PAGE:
The Guardian posted this article in their Music Blog back in April of 2013. James Rhodes, a concert pianist, talks about the struggle involved with living his passion. As any artist in any phase of their commitment can attest, it’s not exactly a walk in the park (nor is it a piece of cake, a no-brainer, or a cinch). Simply having a passion can be a source of conflict, something that tears us away from societal expectations, familial obligations, or even just the path of least resistance.
So it’s no wonder a lot of us opt for the road most traveled: that of turning away from the passion.
“We seem to have evolved into a society of mourned and misplaced creativity. A world where people have simply surrendered to (or been beaten into submission by) the sleepwalk of work, domesticity, mortgage repayments, junk food, junk TV, junk everything, angry ex-wives, ADHD kids and the lure of eating chicken from a bucket while emailing clients at 8pm on a weekend.”
Life itself tends to get in the way of constructive passion-pursuing. The basic needs of feeding ourselves, clothing ourselves, raising families and finding an income source to support it all — those can be major passion killers. But for many of us, these external obligations and internal desires (obligation being working for someone else; desire being raising a family or certain material things, for instance) aren’t strong enough to totally snuff the flame of passion.
Sometimes it never goes away, no matter how many years you spend ignoring it and counseling yourself that it’s not that big of a deal.
“And only when the pain of not doing it got greater than the imagined pain of doing it did I somehow find the balls to pursue what I really wanted…”
Of course, once we begin to go after That Which We Were Perhaps Designed To Do does the second phase of the struggle begin. That of betterment, self-criticism, external criticism, wild-eyed wonder of others and then even more criticism.There is no greater critic than oneself in matters of personal production, art, writing, music, etc.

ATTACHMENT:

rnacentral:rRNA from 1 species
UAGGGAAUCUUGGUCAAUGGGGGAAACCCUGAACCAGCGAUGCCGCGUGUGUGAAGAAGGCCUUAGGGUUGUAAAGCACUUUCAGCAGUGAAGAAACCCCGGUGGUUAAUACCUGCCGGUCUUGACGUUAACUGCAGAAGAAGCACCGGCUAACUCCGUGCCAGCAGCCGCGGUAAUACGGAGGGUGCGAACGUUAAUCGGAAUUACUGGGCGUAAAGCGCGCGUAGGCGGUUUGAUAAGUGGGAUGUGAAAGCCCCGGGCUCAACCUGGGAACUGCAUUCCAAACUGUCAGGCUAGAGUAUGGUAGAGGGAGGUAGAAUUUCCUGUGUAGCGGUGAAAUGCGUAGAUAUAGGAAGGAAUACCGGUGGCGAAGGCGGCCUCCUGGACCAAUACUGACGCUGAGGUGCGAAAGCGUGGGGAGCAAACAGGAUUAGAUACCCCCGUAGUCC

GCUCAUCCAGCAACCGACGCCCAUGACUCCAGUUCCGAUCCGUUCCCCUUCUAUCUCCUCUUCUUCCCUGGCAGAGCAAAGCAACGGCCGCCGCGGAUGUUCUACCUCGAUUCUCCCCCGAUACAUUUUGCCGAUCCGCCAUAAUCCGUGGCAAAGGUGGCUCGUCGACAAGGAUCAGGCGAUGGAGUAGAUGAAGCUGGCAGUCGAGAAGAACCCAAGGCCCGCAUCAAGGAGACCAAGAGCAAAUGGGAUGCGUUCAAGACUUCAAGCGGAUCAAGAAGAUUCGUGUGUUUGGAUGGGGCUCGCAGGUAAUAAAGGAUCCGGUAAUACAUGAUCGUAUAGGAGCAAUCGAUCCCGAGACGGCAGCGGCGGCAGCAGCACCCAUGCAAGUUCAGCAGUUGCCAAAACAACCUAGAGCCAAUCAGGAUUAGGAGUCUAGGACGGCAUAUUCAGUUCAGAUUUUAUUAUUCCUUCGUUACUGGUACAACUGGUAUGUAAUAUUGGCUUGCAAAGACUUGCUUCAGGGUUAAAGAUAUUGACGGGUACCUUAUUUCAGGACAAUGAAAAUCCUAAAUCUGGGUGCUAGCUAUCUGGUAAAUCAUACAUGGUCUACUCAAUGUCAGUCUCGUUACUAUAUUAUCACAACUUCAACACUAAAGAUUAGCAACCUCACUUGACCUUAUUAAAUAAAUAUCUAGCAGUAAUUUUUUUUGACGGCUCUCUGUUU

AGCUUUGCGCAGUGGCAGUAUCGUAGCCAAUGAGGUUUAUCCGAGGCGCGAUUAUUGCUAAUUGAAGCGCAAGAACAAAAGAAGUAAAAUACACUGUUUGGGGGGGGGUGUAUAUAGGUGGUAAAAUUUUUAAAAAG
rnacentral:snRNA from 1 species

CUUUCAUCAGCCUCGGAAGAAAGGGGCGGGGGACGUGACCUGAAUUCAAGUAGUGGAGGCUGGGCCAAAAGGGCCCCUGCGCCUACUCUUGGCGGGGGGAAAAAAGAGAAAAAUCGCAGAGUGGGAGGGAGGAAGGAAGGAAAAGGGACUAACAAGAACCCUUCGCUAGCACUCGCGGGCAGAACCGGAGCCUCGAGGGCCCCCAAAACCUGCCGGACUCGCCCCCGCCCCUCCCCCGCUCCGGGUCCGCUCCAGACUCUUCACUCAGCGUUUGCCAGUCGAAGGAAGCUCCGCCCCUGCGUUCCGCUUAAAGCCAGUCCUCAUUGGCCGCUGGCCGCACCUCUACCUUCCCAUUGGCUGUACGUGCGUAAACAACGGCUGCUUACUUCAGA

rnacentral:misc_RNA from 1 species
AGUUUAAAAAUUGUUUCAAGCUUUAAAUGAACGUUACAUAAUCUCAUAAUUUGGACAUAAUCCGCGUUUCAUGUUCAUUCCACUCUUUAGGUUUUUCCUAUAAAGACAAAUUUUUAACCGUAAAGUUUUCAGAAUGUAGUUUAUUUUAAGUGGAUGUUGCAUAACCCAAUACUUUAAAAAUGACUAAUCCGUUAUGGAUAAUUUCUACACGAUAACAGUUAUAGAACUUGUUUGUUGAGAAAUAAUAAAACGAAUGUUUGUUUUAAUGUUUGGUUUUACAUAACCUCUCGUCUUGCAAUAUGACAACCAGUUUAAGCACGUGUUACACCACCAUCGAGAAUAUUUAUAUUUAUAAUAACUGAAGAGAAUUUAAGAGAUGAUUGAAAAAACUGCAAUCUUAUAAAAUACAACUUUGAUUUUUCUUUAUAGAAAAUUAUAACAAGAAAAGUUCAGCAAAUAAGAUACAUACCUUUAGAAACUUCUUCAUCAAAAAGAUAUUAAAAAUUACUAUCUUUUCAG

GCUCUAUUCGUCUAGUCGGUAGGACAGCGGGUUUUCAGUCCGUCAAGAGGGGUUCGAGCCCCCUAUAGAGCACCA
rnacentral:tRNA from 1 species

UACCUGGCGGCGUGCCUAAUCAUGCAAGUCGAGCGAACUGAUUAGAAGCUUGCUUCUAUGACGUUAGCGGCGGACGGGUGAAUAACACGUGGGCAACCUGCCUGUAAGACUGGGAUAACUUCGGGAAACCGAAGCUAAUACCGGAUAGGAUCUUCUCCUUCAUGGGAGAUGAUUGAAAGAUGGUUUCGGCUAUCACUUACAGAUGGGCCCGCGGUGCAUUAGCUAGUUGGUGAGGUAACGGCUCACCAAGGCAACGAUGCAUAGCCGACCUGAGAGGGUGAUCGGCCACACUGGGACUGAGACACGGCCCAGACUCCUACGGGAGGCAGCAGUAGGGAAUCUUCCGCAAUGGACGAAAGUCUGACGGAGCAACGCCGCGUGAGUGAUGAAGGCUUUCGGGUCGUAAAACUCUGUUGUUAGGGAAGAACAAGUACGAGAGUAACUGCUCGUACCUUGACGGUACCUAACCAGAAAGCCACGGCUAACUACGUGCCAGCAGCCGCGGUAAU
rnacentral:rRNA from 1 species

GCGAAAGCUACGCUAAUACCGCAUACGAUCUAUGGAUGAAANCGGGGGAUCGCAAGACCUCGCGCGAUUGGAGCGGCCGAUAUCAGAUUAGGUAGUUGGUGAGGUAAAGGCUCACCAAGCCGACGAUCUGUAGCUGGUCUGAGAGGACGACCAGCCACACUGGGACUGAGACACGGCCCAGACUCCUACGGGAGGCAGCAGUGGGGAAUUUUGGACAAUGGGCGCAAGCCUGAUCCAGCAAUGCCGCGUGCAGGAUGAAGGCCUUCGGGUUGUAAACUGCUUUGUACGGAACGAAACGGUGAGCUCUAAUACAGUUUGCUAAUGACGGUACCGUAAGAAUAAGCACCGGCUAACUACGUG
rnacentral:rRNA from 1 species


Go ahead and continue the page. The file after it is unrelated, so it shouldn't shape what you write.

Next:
Yet we must learn to find that balance of doing, improving, and enjoying. Do the work — improve consciously (without caustic self-criticism of the unhelpful kind) — and enjoy the process itself.
“It can only ever, with luck, hard work and a hefty dose of self-forgiveness, be “good enough”.”
And in doing it, the constant unfurling and evolving process of following a passion, there are plenty of times that we ask ourselves or get asked, “Why?”. Why do it if there is a struggle, why do it if it’s easier not to, why do it if there are so many other people better than you and you’re only ‘good enough’, why do it if you can’t make money off it, why do it if you will only ever be one unknown name in a sea of unknown names in all of human history?
There’s no good answer to this question other than it’s a goddamn, inexplicable, life-altering, refusing-to-disappear passion. It might not matter to many; but maybe if it matters to you, that IS the only thing that matters.
“So write your damn book. Learn a Chopin prelude, get all Jackson Pollock with the kids, spend a few hours writing a Haiku. Do it because it counts even without the fanfare, the money, [and] the fame…”
Read the full article at The Guardian.
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